" Taking the nature example again, it is understandable (just) that an animal must kill to survive. It would be perfectly possible for an omni-god to create a system in nature in which each animal is treated with the respect and love that would be characteristic of an omni-benevolent God. But we do not observe this. Instead, what we see goes far beyond that remit, as seen in the example of the digger wasp."


Now to address my opponent's argument on the gratuitous pain a digger wasp feels when being eaten alive. Here is it being mentioned by my opponent in round 2.

"Again, if we look at the volume of evil in the natural world, we see that the amount of evil overcomes any purpose to the evil. For example, the female digger wasp's sting paralyses its prey, allowing her larvae to feast on it whilst it is still living. Here we see a purpose - the wasps must have food to survive - but the amount of evil made in this act is completely unproportional to the purpose."

This is a bad example. I won't bog anyone down with the technical details, but there is no evidence insects feel pain. Most if not all insects, probably don't have the capacity to feel pain. Nociceptors are something necessary to feel pain and most insects simply don't possess them.

http://en.m.wikipedia.org...

As far as we can tell, God has spared insects from ever having to feel pain. My opponent has yet to give any examples of gratuitous evil and he will not be capable of doing so, anytime soon.

The problem of evil argument doesn't work as a defeater of the Christian Omni-God.
Debate Round No. 3
vintinthethird

Pro

I don't believe there is any contradiction in my statement that a necessary evil can be unnecessarily voluminous, nor is it a synonym for gratuitous evil.

Gratuitous evil is a evil without a purpose. The evil I am describing serves a specific purpose in God's plan (when we start with a presumption of God). For example, the mass killing in the two world wars. This has served a purpose, as it has allowed peace-keeping organisations like the UN to be set up, and other various benefits. This, therefore, is not a gratuitous evil, as it serves a purpose, potentially from God. However, the amount of evil caused in this war was far in excess of the required amount of evil, throwing into doubt the qualities of God. Surely even one less death would reduce the amount of evil created. Do you believe that the effects of the world wars would not have come to fruition if one less human had died? This clearly points to the non-existence of an Omni-God, for reasons I described earlier.

In terms of the female digger wasp, I guess that it was a mistake on my part to quote anything of Dawkins at all. If I ever get the chance, I will take him up on that.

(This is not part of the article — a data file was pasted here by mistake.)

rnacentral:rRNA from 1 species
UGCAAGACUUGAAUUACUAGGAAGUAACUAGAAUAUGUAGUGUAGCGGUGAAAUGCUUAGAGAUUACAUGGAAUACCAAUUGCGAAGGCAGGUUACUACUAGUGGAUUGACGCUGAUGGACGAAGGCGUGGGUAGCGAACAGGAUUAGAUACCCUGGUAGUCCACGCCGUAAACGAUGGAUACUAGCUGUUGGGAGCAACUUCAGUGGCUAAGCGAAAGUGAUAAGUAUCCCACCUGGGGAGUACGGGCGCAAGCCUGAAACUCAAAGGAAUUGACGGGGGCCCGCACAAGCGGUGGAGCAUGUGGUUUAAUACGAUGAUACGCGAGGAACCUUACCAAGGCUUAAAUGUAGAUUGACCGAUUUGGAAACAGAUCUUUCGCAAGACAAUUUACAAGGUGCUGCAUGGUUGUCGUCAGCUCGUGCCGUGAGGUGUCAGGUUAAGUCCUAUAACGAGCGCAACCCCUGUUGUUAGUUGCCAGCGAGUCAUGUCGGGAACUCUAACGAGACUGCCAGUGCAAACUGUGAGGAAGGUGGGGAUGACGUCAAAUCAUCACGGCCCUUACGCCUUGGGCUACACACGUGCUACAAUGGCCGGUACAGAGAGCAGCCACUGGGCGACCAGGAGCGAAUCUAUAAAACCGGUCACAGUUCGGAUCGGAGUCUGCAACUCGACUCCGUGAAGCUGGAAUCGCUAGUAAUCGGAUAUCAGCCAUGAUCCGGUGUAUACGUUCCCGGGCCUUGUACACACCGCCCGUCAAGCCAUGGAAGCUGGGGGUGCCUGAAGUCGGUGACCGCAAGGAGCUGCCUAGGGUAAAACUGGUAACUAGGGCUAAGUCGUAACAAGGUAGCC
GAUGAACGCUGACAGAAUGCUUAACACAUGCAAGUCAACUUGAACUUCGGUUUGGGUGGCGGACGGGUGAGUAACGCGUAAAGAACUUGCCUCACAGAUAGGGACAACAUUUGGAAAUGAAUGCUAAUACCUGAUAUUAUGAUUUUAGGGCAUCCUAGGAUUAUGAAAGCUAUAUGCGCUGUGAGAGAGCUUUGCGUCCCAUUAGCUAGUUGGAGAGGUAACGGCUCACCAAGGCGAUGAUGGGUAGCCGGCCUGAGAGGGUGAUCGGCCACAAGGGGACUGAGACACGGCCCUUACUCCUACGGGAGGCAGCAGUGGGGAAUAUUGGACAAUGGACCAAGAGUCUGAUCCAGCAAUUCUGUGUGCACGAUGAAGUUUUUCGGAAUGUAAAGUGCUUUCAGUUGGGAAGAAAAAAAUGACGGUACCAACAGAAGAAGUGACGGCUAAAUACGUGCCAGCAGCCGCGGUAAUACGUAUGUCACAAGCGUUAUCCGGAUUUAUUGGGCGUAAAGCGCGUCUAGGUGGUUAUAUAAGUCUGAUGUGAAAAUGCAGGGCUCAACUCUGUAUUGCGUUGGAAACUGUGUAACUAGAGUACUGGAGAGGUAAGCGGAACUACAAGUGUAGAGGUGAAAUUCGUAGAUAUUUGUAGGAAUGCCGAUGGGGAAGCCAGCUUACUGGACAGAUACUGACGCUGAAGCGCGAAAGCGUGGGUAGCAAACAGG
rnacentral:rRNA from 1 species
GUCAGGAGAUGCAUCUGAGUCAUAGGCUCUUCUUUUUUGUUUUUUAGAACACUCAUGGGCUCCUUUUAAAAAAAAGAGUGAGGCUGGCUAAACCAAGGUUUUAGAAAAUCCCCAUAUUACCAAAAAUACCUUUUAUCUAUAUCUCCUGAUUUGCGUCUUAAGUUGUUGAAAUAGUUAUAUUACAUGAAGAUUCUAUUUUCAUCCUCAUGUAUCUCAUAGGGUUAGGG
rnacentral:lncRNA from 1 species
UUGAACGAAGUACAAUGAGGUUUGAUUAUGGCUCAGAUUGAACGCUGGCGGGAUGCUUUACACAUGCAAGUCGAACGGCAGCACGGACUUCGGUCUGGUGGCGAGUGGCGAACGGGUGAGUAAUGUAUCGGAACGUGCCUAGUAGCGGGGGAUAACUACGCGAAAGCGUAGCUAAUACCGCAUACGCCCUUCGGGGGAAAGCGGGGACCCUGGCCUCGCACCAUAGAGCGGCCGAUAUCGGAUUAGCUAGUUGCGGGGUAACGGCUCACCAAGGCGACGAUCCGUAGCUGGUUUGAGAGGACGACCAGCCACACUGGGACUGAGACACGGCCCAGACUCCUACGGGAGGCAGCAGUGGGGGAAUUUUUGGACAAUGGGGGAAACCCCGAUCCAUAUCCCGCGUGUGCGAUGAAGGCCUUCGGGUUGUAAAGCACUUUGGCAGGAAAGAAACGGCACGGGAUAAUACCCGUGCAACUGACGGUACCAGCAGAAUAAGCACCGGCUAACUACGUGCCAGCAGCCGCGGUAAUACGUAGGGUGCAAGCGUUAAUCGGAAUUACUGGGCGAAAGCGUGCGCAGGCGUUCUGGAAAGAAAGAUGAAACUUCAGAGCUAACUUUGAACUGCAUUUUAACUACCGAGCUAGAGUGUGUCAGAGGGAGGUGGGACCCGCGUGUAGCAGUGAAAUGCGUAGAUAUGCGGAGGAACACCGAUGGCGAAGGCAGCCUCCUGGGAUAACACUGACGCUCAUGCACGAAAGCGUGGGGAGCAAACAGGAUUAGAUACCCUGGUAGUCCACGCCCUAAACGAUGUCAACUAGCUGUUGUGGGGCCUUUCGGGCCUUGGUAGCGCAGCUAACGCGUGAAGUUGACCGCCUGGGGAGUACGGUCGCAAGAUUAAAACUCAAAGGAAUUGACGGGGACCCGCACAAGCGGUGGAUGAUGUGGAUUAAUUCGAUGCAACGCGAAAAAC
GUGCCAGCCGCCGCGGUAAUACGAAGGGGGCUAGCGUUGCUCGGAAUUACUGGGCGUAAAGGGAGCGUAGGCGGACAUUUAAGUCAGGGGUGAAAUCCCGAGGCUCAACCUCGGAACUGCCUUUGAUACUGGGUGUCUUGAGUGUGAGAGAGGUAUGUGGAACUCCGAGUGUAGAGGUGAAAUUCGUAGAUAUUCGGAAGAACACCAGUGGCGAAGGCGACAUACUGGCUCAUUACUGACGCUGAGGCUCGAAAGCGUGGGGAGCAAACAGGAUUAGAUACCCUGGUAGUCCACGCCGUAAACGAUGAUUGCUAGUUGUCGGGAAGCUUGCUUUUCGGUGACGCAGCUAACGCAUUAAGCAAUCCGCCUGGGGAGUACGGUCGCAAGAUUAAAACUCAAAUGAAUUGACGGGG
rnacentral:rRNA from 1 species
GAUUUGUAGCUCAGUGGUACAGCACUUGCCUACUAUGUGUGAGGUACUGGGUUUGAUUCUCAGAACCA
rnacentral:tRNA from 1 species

Nevertheless, the utter failure of that one example doesn't refute the fact that many animals which do have nociceptors are killed in ways unbegetting of the dignity they deserve. Certainly, if any abattoir employed these methods they would be facing a very big lawsuit.

To conclude, although all evil can be directed towards a specific goal, the way this goal is completed is unfit for a Omni-God. Therefore the Omni-God cannot exist.

On a final note, I'd like to thank Mr.Wylted for debating with me, it has been a pleasure to debate with a man of his kind of record on DDO.
Wylted

Con

"On a final note, I'd like to thank Mr.Wylted for debating with me, it has been a pleasure to debate with a man of his kind of record on DDO"

Awe, stop it. You're making me blush.

"I don't believe there is any contradiction in my statement that a necessary evil can be unnecessarily voluminous, nor is it a synonym for gratuitous evil."

I honestly think you're unnecessarily confusing the voters. I'm sorry I should have just swapped the word gratuitous evil with voluminous earlier. Since I'm responding to pro than, I'm obviously using the word gratuitous in a way that reflects what he's talking about. now let me deal with the contradiction.

Since God dictates the amount of evil that is in the world, any voluminous necessary evil is in fact unnecessary from a zoomed out perspective. Saying that the necessary evil is unnecessarily voluminous, is just a confusing way of saying " there is more evil than necessary". No matter what way you word it, you have still failed to offer convincing evidence of this.

" Surely even one less death would reduce the amount of evil created."

There is simply no way of knowing if one death would have been a net gain or net loss of total evil in the world. Given what I discussed earlier with God's infinite time horizon and the butterfly effect, it seems that there is no way of ever knowing what if anything can be considered unnecessarily voluminous evil.